Baroreflex modulation of muscle sympathetic nerve activity at rest does not differ between morning and afternoon

Sarah L. Hissen, Vaughan G. Macefield, Rachael Brown, Trevor Witter, Chloe E. Taylor

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The incidence of cardiovascular events is significantly higher in the morning than other times of day. This has previously been associated with poor blood pressure control via the cardiac baroreflex. However, it is not known whether diurnal variation exists in vascular sympathetic baroreflex function, in which blood pressure is regulated via muscle sympathetic nerve activity (MSNA). The aim of this study was to compare vascular sympathetic baroreflex sensitivity (BRS) in the same participants between the morning and afternoon. In 10 participants (mean age 22 ± 2.9 years), continuous measurements of blood pressure, heart rate and MSNA were made during 10 min of rest in the morning (between 0900 and 1000 h) and afternoon (between 1400 and 1500 h). Spontaneous vascular sympathetic BRS was quantified by plotting MSNA burst incidence against diastolic pressure (vascular sympathetic BRSinc), and by plotting total MSNA against diastolic pressure (vascular sympathetic BRStotal). Significant vascular sympathetic BRSinc and vascular sympathetic BRStotal slopes were obtained for 10 participants at both times of day. There was no significant difference in vascular sympathetic BRSinc between morning (-2.2 ± 0.6% bursts/mmHg) and afternoon (-2.5 ± 0.2% bursts/mmHg; P = 0.68) sessions. Similarly, vascular sympathetic BRStotal did not differ significantly between the morning (-3.0±0.5 AU/beat/mmHg) and afternoon (-2.9 ± 0.4 AU/beat/mmHg; P = 0.89). It is concluded that in healthy, young individuals baroreflex modulation of MSNA at rest does not differ between the morning and afternoon. The results indicate that recording MSNA at different times of the day is a valid means of assessing sympathetic function.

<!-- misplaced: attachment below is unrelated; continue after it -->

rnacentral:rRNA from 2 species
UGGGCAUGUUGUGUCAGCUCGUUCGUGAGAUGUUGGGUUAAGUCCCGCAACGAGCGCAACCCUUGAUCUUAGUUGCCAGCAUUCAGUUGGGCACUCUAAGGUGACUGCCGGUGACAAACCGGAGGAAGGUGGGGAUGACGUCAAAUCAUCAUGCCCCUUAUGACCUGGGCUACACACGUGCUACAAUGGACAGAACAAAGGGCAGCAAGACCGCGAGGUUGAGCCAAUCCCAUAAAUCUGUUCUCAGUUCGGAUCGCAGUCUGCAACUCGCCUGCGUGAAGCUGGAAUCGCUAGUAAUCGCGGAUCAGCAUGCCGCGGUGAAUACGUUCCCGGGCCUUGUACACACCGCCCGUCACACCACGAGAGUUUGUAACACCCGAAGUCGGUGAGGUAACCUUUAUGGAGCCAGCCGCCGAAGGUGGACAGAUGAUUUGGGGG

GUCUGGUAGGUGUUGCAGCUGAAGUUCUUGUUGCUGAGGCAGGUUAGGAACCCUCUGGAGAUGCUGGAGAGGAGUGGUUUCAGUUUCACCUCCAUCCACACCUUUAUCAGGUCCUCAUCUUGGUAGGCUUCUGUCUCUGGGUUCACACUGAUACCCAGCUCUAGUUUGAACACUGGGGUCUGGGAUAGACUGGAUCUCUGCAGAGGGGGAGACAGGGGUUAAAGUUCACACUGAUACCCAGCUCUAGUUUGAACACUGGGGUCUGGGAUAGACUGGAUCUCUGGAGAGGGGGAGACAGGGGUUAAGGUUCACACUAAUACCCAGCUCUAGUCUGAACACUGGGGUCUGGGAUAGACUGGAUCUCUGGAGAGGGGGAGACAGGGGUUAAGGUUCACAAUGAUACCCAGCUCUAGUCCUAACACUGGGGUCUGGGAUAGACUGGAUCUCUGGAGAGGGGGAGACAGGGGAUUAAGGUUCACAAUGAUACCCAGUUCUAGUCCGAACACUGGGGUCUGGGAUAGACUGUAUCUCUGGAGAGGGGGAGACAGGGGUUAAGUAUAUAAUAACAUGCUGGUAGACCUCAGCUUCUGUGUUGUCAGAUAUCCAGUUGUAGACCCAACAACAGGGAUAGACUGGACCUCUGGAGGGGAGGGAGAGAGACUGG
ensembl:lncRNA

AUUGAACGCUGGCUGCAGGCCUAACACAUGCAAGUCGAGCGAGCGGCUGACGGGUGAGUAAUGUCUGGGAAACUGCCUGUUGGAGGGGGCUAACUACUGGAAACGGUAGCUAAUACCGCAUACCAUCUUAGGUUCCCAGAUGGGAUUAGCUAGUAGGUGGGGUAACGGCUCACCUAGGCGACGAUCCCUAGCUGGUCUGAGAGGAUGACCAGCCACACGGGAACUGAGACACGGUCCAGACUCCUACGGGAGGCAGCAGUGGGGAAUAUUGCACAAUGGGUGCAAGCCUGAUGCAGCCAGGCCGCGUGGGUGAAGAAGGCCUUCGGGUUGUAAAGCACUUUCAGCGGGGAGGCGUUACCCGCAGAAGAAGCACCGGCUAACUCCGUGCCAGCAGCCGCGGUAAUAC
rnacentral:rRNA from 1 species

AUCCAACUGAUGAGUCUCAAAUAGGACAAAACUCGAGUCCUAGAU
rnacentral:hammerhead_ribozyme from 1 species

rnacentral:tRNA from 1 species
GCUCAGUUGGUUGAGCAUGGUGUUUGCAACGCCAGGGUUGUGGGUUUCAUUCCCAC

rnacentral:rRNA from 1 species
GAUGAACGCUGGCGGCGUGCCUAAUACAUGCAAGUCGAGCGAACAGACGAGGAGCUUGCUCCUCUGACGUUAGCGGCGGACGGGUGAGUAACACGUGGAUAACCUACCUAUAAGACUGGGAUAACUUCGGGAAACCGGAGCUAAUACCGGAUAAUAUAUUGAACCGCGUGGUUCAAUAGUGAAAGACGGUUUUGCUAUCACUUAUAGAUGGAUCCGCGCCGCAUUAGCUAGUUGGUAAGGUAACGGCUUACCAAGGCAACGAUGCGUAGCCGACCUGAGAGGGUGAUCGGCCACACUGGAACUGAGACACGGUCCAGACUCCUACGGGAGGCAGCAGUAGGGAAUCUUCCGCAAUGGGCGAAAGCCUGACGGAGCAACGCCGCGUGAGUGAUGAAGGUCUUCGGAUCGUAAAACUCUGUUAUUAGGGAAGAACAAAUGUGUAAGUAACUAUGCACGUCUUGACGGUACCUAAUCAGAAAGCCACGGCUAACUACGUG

Original languageEnglish
Article number312
JournalFrontiers in Neuroscience
Issue numberSEP
Publication statusPublished - Sept 2015
Externally publishedYes


  • Baroreflex sensitivity
  • Blood pressure
  • Circadian
  • Diurnal variation
  • Muscle sympathetic nerve activity

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